A few days ago, our readers were treated to two unrelated tragic incidents on the same page in what is increasingly becoming common: Killings of family members by their loved ones. We use ‘loved ones’ advisedly because in normal circumstances, ‘love’ and ‘homicide’ should not go together.
In the first case, a former Member of County Assembly (MCA) shot his wife dead before turning the gun on himself. And, in the second, a woman reportedly axed and stabbed her gardener husband to death, suffocated their two children and then hanged herself. The man’s friends said he had confessed to frequent battery by his wife. There will be no shortage of theories on why one would decide to eliminate family, innocent children included. One thing is clear though: The worrying frequency of such cases.
There is need to come up with ways of stemming escalating cases of homicide within families, more so because the killings no longer conform to the old pattern where women were innocent victims of male aggression. While dead men — and women — tell no tales, hence we will never know the exact reasons behind the reported killings in which the supposed aggressors ended up taking their lives, the mental condition of the killers is suspect. This explains why once they had eliminated their kin, they could not face themselves and ended up taking own lives.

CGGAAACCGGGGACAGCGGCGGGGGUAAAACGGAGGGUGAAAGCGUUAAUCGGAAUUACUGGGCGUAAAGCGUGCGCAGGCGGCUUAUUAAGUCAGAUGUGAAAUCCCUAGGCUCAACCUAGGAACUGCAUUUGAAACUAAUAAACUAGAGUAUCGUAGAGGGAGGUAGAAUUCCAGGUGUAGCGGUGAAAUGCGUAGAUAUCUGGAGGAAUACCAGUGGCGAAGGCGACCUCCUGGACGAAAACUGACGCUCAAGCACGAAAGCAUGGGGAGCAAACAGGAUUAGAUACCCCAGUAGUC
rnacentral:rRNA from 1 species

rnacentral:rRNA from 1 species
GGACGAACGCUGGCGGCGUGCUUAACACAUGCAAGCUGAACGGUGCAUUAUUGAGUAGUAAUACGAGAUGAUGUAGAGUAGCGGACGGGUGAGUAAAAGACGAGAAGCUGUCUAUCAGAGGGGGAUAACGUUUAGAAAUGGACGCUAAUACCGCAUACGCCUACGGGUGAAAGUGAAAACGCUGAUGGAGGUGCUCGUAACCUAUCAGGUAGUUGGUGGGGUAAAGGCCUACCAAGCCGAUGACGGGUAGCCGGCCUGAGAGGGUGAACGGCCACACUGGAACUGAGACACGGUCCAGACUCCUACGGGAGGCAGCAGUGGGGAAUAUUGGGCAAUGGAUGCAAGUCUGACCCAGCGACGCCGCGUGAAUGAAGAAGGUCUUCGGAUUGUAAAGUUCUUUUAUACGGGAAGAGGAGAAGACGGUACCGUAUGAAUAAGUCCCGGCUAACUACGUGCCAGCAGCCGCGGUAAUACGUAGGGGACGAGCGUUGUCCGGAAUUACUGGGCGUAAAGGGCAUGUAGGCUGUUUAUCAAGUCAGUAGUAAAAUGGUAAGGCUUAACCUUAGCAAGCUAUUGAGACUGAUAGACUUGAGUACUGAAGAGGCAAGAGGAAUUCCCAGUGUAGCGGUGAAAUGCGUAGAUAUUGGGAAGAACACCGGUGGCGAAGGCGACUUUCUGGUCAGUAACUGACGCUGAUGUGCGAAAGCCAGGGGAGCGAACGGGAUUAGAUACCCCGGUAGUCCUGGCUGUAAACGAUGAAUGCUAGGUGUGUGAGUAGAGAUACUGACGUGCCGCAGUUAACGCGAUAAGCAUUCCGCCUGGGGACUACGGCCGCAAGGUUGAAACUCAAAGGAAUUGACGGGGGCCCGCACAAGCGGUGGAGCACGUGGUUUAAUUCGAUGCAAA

Traditionally, women dissipated their stress by sharing their problems with fellow women at water wells, while gathering firewood or at market places, and in what men scornfully refer to as gossip. Men, on the other hand, tend to bottle up their frustrations to destructive levels. The latter scenario would explain the former MCA’s case.
Escalating family killings have been blamed on socio-economic stresses that make it impossible for family heads to meet their obligations. A sense of helplessness and hopelessness sets in, impairing their capacity to cope, and literally pushing them to the edge. While counselling and clinical psychologists are vital in helping stressed-up couples, their numbers are way too few.
The law of supply and demand locks out many families from counselling services needed to cope with harsh economic times. And yet a civilised state cannot turn a blind eye on a growing segment of its population. The Division of Mental Health of the Ministry of Health must urgently put structures in place to make universal mental health services a reality.
This situation calls for a crash programme to train counselling and clinical psychologists to help families manage stress and stem a looming epidemic of homicide and suicides. The urgency cannot be understated given that most victims and perpetrators are at their prime with young children that need their parents alive.